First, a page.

I started the day reading Peter Oborne’s piece on whether China will replace Islam as the West’s new enemy — and then got sucked into the rabbit-hole of whether we are sliding into a new Cold War, with China playing the role that the Soviet Union played in the old days. This is all about geopolitics, of course, about which I know little. But if you write about digital technology, as I do, this emerging Cold War is a perennial puzzle that pops up everywhere. For example, in:

  • the discussions about whether Huawei kit should be allowed in Western 5G networks;
  • whether we should be concerned about becoming addicted to Zoom, a company with a sizeable chunk of its workforce and infrastructure based in China;
  • what to make of China’s increasing technological assertiveness at the ITU over changing the centrals protocols of the TCP/IP-based Internet we use today
  • anxieties in (mostly-US companies and the US government) about the inbuilt advantages an authoritarian regime has in fostering the development of ‘AI’ (aka machine-learning) technology, the essential feedstock for which is unlimited volumes of user data — as compared with the way our liberal reservations about privacy and civil rights hobbles our tech giants.
  • the strange and enduring legacy of old Cold War attitudes in the Western military-industrial complex which continually obsesses about Russia rather than China.

This last factor is particularly weird. In the immediate post-war period, we lived in a genuinely bi-polar world, with competition between two different economic and ideological systems — the Soviet, centrally-planned one, and the Western liberal capitalist one.

As it happens, we in the West greatly over-estimated the capacity of the Soviet system, perhaps because it seemed to be very good at some things — nuclear weapons development and space science in particular. In part we owe the Internet to the fright the US received when in 1957 the USSR launched Sputnik, the first earth-orbiting satellite. This, among other things, led to the establishment of the Advanced Research Projects Agency (ARPA) in the Pentagon, which was the organisation that conceived and funded Arpanet, the precursor of today’s Internet.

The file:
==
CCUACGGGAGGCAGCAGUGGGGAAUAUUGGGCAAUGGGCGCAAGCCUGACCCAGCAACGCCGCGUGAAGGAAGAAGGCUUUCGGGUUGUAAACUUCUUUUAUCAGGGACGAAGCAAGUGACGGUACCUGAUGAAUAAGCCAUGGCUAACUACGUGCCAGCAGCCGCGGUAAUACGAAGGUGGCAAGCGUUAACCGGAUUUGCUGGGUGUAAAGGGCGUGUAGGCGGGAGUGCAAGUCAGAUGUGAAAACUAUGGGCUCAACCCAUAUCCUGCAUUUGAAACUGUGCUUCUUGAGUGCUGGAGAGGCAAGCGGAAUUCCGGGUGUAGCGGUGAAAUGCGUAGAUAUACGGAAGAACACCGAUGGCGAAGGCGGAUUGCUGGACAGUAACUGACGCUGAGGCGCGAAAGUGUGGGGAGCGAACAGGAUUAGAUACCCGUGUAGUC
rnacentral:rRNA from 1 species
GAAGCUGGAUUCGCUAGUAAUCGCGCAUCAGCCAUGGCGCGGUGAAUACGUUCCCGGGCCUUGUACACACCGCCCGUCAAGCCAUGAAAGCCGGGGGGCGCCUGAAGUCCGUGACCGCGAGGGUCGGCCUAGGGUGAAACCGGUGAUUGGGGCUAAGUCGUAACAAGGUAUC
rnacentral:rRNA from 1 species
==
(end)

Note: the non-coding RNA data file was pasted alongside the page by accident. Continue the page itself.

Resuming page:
Nevertheless, it remained true that the bi-polar world into which I was born was based on an ongoing contest between two socio-economic systems which could be — and were often — seen as genuine alternatives.

This bi-polar world evaporated in 1989 when the Berlin Wall came down and two years later the USSR imploded, leaving the Western model apparently triumphant. This was the moment that coincided with the publication of Francis Fukuyama’s ‘End of History’ essay, which argued that the post-1917 ideological competition about the best way to organise society had been decisively resolved with liberal democracy as the winning candidate. This was an overly-simplistic reading of Fukuyama, but what was indisputable was that, post-1989, we moved into a uni-polar world, with the US as the reigning hyper power, able to do exactly as it pleased. Which it did, including launching a disastrous war in Iraq on a pretext, and further destabilising the Middle East as a consequence.

But even before 1989, things were beginning to change elsewhere in the world. In 1978, in particular, as Laurie Macfarlane points out,

Deng Xiaoping became China’s new paramount leader, after outmanoeuvring Mao’s chosen successor, Hua Guofeng. Deng oversaw the country’s historic ‘Reform and Opening-up’ process, which increased the role of market incentives and opened up the Chinese economy to global trade. In the decades since, China’s economic transformation has been nothing short of astonishing.